Amy: I always cheer for the underdog, so I love a good “overnight” success story. That said, I so admire Stephen King who didn’t even have a home phone when the movie deal came in for Carrie. I love JK Rowling who was on welfare when Harry Potter was finally signed. On a more personal level, I admire Denise Grover Swank who managed to self-publish and make a NYT Bestselling career while being a single (widowed) mom of six kids – three of whom were adopted from different countries after her husband’s death. Simply amazing, and all simply beautiful!
KRL: What kind of research do you do?
Amy: I love doing in person research. There’s nothing like visiting a place to get a feel for it. Of course, with COVID-19 running rampant, those research trips have been seriously curtailed. My research for the Main Street Book Club is a completely personal experience. I grew up just on the other side of Corinth which is mentioned several times throughout the series. The last research trip I took with my best friend was to Yoder, Kansas, to visit the Amish community there. The Sissy Yoder/Sunflower Café mysteries will begin releasing sometime in 2022.
KRL: What do you read?
Amy: I read all over the place. I love Stephen King and Dean Koontz and Agatha Christie, but I also love romance, chick lit, and women’s fiction. I love suspense stories and who-dun-its. I’ll read pretty much anything once.
KRL: Favorite TV or movies?
Amy: I watch a lot of true crime documentaries and movies. These days I seem to gravitate toward series. Making a Murderer, Filthy Rich, anything about the West Memphis Three. And I love shows about serial killers. Which is very ironic seeing as how I can’t watch the news because it’s too depressing and fills me with anxiety.
KRL: Any advice for aspiring or beginning writers?
Amy: Publishing is changing rapidly. Currently I hear that there are over EIGHT MILLION books listed on amazon. Eight. Million. So my advice is to decide why you want to write. Do you want to tell one story, e.g. a family tale that you want to share? Do you want to entertain the masses? Do you want to make a certain best seller list? Have fame and fortune? Writing for money (as in writing is your full-time job) is a different animal than writing because you want to tell Grandma Sadie’s adventures on the Oregon Trail. Neither one is right or wrong, but knowing why you are going into the field will help you navigate from the start. Writers who write for a living don’t always get to tell the story of their heart and more often write for the reader more than for themselves.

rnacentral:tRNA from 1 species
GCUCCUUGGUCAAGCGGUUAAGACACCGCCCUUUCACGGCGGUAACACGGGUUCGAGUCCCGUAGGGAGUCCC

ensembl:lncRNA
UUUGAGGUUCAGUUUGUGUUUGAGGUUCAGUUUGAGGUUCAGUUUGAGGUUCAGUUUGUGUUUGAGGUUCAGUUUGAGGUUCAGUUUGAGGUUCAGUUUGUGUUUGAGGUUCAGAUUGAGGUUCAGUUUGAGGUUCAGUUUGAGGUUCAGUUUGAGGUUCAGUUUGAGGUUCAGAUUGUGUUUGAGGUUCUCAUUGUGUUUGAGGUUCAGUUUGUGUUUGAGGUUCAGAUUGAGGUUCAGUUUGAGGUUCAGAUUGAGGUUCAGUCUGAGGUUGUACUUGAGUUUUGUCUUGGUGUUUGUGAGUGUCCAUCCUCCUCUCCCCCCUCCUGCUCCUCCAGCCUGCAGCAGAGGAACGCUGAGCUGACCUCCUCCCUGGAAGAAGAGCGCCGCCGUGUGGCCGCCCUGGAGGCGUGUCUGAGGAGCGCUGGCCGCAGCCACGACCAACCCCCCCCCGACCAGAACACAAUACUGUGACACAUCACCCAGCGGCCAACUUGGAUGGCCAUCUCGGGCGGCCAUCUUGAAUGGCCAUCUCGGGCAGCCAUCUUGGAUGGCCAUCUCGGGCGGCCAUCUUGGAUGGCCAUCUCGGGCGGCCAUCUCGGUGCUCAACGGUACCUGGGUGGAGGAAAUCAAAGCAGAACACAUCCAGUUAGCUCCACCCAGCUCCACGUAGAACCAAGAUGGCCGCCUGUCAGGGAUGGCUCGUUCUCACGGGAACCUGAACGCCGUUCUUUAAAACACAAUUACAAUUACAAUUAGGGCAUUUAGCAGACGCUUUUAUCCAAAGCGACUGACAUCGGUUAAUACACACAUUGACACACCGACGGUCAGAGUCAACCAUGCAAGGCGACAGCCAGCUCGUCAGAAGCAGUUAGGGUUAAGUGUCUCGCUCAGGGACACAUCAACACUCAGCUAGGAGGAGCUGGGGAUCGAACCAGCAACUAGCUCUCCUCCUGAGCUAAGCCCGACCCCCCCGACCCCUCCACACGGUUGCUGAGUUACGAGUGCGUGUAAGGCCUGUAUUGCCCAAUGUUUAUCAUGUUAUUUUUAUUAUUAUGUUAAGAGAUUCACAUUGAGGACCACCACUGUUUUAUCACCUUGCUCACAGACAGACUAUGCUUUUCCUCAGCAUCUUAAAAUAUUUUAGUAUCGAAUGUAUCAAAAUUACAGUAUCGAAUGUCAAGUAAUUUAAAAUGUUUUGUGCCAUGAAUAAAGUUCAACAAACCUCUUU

KRL: Anything you would like to add?
Amy: Reviews are more important than the average reader believes, even the negative ones. I find that when I’m looking at books, I read the best and the worst of the reviews. The positive ones for obvious reasons, but the one-star reviews because here is where you’ll find out about pitfalls and various parts of the plot that might key you into something in that book that you yourself might not like or understand. So, leave reviews even if the book fell short for you. Just keep in mind that someone took the time to write that book and send it in to be edited. It’s the words of someone’s heart or at the very least their hard work and treat it as such.
KRL: What is something people would be surprised to know about you?
Amy: Hmmm…this is always a hard one because I feel like I’m an open book. I suppose the fact that I’m a rabid pro football fan might come as something of a surprise. My husband and I are KC Chiefs season ticket holders. I also love watching the NFL games on television and I have been known to yell at the TV from time to time – but I only yell if the Chiefs are playing. Usually. 😉
KRL: Website? Twitter? Facebook?
Amy: www.amywritesromance.com (Yes, I know. I tried to keep up with an amywritesmysteries site, but it was too much with my work schedule.)
To enter to win a copy of A Murder Between the Pages, simply email KRL at krlcontests@gmail[dot]com by replacing the [dot] with a period, and with the subject line “between,” or comment on this article. A winner will be chosen January 23, 2021. U.S. residents only, and you must be 18 or older to enter. If you are entering via email please include you mailing address in case you win, it will be deleted after the contest. You can read our privacy statement here if you like. BE AWARE THAT IT WILL TAKE MUCH LONGER THAN USUAL FOR WINNERS TO GET THEIR BOOKS DUE TO THE CURRENT CRISIS.